Error Correction: It turns out that Writey McScriberson is living in Illinois. When I wrote this post, I was under the misimpression that WM was located in the UK. My bad. I have not changed the text below, but any commentary speculating on differences between the UK and the US were obviously motivated by my own misimpressions, not the actual life, experience, or writing of WM.
As I try to do when blatantly ripping off ideas from Shiv, I will be writing about something she mentions but does not explore in depth and let her main points speak for themselves, as they do so reliably and so well.
Recently Writer McScriberson, reachable at the twitter address*1 @afroSHIRL tweeted out the following:
I found this particularly interesting because in the USA for perhaps 20 years there were ongoing disagreements about the appropriate feminist position on sterilization between white feminists with stable income and a coalition consisting mainly of Black and multi-racial feminists born in the US with a few feminists with other racialized backgrounds and a few (typically low and insecure-income) white feminists thrown in. In this post I will, entirely-hyperbolically, refer to these disagreements as the Sterilization War.*2
The SW began with the development of a large enough second-wave feminist movement for large numbers of feminists to meet on the ground and discuss local feminist issues. It was aided by consciousness-raising groups which helped develop the positions on each side of the war and also helped the two primary sides to come into contact and learn that there was another position on voluntary sterilization with which they might disagree.
The two sides were largely divided in the manner that they were because the Eugenic history of the US had led many doctors to involuntarily sterilize – often (perhaps even as standard procedure) without consent or even information – poor and/or Black women who gave birth via C-section. “So long as we’re in there,” the thinking seems to have been, “might as well do some good for the world by ensuring fewer poor/Black babies, because we all know how horrible Black people and poor people are, amirite?”
However, at the same time, economically stable white women were being denied voluntary sterilization. It appears that the doctors denying sterilization overlapped significantly with the doctors performing sterilization without information or consent. This isn’t hard to understand, the same racist and eugenic thinking that led doctors to believe that Black people are of less value and that the world’s population should be less Black would also lead doctors to believe that white people are of more value, and that as many white babies should be born to economically stable white mothers as possible, because the world would benefit from being more white.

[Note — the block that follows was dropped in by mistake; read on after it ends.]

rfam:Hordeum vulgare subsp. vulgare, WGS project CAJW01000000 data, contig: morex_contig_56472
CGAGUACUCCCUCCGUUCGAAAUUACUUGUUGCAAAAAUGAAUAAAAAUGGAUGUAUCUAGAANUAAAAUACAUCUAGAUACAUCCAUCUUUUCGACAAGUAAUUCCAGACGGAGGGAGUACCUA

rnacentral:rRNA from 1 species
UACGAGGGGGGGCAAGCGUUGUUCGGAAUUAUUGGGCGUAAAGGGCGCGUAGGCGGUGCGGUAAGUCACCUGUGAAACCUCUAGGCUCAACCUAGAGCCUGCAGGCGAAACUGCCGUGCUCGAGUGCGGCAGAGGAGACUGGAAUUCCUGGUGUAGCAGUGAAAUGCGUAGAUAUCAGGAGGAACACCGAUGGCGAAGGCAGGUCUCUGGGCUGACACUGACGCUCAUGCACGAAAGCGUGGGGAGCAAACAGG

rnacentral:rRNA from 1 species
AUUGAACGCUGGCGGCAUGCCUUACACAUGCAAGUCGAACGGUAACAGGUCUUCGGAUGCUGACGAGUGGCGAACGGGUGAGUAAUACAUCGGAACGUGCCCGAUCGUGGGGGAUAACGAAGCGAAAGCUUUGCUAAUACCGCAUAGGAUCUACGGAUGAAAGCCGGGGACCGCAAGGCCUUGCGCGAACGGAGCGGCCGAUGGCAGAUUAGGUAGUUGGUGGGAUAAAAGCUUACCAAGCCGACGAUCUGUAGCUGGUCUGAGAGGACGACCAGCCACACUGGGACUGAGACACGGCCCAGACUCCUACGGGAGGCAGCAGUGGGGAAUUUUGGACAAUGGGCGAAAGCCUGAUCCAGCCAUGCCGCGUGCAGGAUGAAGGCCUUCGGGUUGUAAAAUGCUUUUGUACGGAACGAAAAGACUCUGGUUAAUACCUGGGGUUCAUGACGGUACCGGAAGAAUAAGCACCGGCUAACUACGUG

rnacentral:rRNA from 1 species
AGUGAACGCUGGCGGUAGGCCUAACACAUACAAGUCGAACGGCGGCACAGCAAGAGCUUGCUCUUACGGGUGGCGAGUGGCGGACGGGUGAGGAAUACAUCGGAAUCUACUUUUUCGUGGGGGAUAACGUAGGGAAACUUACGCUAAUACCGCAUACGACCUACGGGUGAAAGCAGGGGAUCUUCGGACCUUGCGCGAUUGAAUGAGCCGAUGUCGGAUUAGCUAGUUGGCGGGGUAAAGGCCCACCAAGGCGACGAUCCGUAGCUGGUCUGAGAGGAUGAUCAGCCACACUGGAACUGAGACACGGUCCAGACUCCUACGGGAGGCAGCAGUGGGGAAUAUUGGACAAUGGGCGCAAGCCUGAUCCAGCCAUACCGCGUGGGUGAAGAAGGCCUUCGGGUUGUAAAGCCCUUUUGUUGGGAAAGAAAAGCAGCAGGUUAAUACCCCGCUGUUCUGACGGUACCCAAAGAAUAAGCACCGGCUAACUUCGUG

Even from the perspective of the racist, poor-hating doctors the system wasn’t perfect, not least because racial identification is not reliable, but in feminist circles there was a tremendous disagreement about how to address this unspoken eugenic policy. Access to birth control had long been an important feminist issue. Though Margaret Sanger*3 clearly held horribly racist beliefs and also clearly held eugenic beliefs about heritability of poverty, heritability of criminality, and a distinction between deserved and undeserved poverty, the organizations through which she worked sought first to educate. They believed that individuals had the right to choose to access or reject birth control even if they did have personal opinions (strongly influenced by the Eugenics movement) about which choice was correct for those individuals.
Out of this imperfect right-to-decide philosophy was born efforts to overturn laws that forbid access to medical contraception and sterilization. The culmination of the fight for access to temporary methods of contraception was the SCOTUS case Griswold v Connecticut 381 U.S. 479 (1965). The language used in that decision, including a “right of privacy” and scary language about policing “marital bedrooms”*4. That right to privacy was extended to unmarried people in 1972 (in Eisenstadt v. Baird) and was interpreted to include the right to abortion in 1973 (in Roe v Wade, but you knew that already).
Despite more than 15 years of court fights, the right to access abortion or contraception had won only what the Supreme Court had to give: restrictions on government prohibitions. While the government could no longer jail doctors for providing abortion or contraception (including sterilization), nothing before SCOTUS or within the normally understood scope of its power permitted it to force doctors to provide those services. While it was relatively easy to provide prescriptions for medical birth control, clinics equipped to interview patients and provide paper prescriptions did not necessarily have the surgical necessities to provide sterilization. These clinics were also located in lower-income neighborhoods and served a disproportionately low-income clientele. So economically stable white women continued to ask their own doctors for birth control. While temporary birth control was more and more forthcoming, many doctors drew a line at sterilizing a woman who might someday give birth to middle-class white babies.
And so white women who faced ongoing difficulties with accessing their preferred methods of birth control wanted to destigmatize sterilization. Other women, especially Black women and women on welfare (these groups being the primary targets) saw sterilization as a constant threat and as too-frequent violence inflicted on themselves by doctors who might feel even more entitled to sterilize them without their consent if the surgeries were made to seem as normal and sometimes even positive events.